As we enter the postmodern era, all previous beliefs about the self are placed in jeopardy, and with them the patterns of action they sustain. Postmodernism does not bring with it a new vocabulary for understanding ourselves, new traits or characteristics to be discovered or explored. Its impact is more apocalyptic than that: the very concept of personal essences is thrown into doubt. Selves as possessors of real and identifiable characteristics—such as rationality, emotion, inspiration, and will—are dismantled.
In the postmodern world we become increasingly aware that the objects about which we speak are not so much “in the world” as they are products of perspective. Thus, processes such as emotion and reason cease to be real and significant essences of persons; rather, in the light of pluralism we perceive them to be imposters, the outcome of our ways of conceptualizing them. Under postmodern conditions, persons exist in a state of continuous construction and reconstruction; it is a world where anything goes that can be negotiated. Each reality of self gives way to reflexive questioning, irony, and ultimately the playful probing of yet another reality. The center fails to hold.
Similarly, John Barressi and Raymond Martin summarize the movement from the modernist self to the postmodernist self in history as follows —
In the modern history of theories of the self, the Second World War is a watershed. Prior to the war, the seeds of dissolution of the self had been sown and had even begun to sprout. Yet, while some approaches demoted the self, none dismantled it. Across disciplines, the self had fragmented. Within disciplines, it was still intact. As a consequence, by mid-century the self may have been challenged, but it was not dethroned. That task was left to the second half of the century.
After the war many theorists began to think of the self more as a product of culture than as its creator. The last half of the century witnessed rampant unintegrated scientific specialization, the withering philosophical critiques of deconstruction and postmodernism, the penetrating attack in analytic philosophy on the very concept and importance of personal identity, and newfound perspectives spawned by feminism, post-colonialism, gender/sexual/ethnic awareness, and by technological development. As a consequence, the self, which began the century looking unified-the master of its own house-ended it looking fragmented-a byproduct of social and psychological conditions.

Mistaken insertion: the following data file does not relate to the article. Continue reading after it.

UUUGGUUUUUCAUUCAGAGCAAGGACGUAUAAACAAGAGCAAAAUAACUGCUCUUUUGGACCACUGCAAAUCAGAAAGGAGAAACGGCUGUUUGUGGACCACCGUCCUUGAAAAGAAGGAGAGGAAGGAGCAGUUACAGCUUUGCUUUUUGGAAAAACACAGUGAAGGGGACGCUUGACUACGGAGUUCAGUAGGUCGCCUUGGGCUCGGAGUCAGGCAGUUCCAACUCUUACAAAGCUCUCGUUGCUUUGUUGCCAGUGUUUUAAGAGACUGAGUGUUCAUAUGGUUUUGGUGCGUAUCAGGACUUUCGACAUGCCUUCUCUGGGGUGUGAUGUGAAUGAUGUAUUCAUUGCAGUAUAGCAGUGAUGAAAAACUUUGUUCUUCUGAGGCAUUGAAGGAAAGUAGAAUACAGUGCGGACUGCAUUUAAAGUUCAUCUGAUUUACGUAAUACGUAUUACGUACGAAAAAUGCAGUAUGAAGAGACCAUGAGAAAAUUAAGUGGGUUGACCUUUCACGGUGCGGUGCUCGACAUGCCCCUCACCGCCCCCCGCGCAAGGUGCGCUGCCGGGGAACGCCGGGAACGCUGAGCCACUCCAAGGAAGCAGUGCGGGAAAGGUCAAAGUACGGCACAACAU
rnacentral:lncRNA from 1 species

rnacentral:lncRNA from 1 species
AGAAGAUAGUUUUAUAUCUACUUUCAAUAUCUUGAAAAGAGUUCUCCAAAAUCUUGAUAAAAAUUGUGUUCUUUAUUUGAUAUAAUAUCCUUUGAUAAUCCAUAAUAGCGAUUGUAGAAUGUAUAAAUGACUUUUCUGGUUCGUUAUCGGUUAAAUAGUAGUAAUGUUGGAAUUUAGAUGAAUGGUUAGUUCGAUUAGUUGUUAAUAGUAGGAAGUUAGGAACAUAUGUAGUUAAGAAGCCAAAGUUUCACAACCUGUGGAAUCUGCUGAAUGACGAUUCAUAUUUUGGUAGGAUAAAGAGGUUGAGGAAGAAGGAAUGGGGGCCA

By the end of the century, virtually every discipline that took cognizance of human nature, including biology, sociology, anthropology, political science, and even neuroscience joined the fray.
The notion of a unified self was introduced into scientific theory in the seventeenth century, particularly in the theories of Descartes and Locke, as a replacement for the notion of soul, which had fallen on hard times. But eventually the notion of a unified self fell onto hard times of its own. Its demise was gradual, but by the end of the twentieth century the unified self had died the death if not of a thousand qualifications, then of a thousand hyphenations.
Those who seek it today in both the philosophical and scientific literatures soon discover that none but the carefully initiated can wade into the waters of theoretical accounts of the self without soon drowning in a sea of symbols, technical distinctions, and empirical results, the end result of which is that the notion of the unified self has faded from view.
So ended the twentieth century. Prior to the Second World War, the self seemed to be a unified subject of investigation. Theorists did not agree on what to say about it, but they seemed to agree that it was something about which they had something to say. When they talked about the self, it was as if they agreed that in talking about it they were talking about the same thing, and about just one thing. By the end of the century, there was no such presupposition. What once had seemed so unified, now lay in fragments.
The contemporary self, according to the above academics, is in fragments. It is not a single, indivisible ego seeking to exert itself through the manipulation of semiotic codes. As Barressi and Martin say, that self “died the death of a thousand qualifications.”
Yet consider Trueman’s depiction of the contemporary self in his article “Zen Christianity.” He writes —
At root, we could say that, in the West, human imperfection comes increasingly to be seen as a lack of money - because money can buy any or all of these things and thus enable us to become perfect…When I buy something, then for a split second, I become god; I, Carl Trueman, use my divine powers to transubstantiate a worthless piece of paper or plastic into a loaf of bread, a book, a car, a house. This momentary self-deification satisfies my idolatry of self, but only for a moment; it has to be repeated again and again and again if I am to keep myself persuaded that I am indeed god, master of all I survey.
…this consumption is itself a manifestation of the human desire to throw off responsibility to God and deify humanity itself.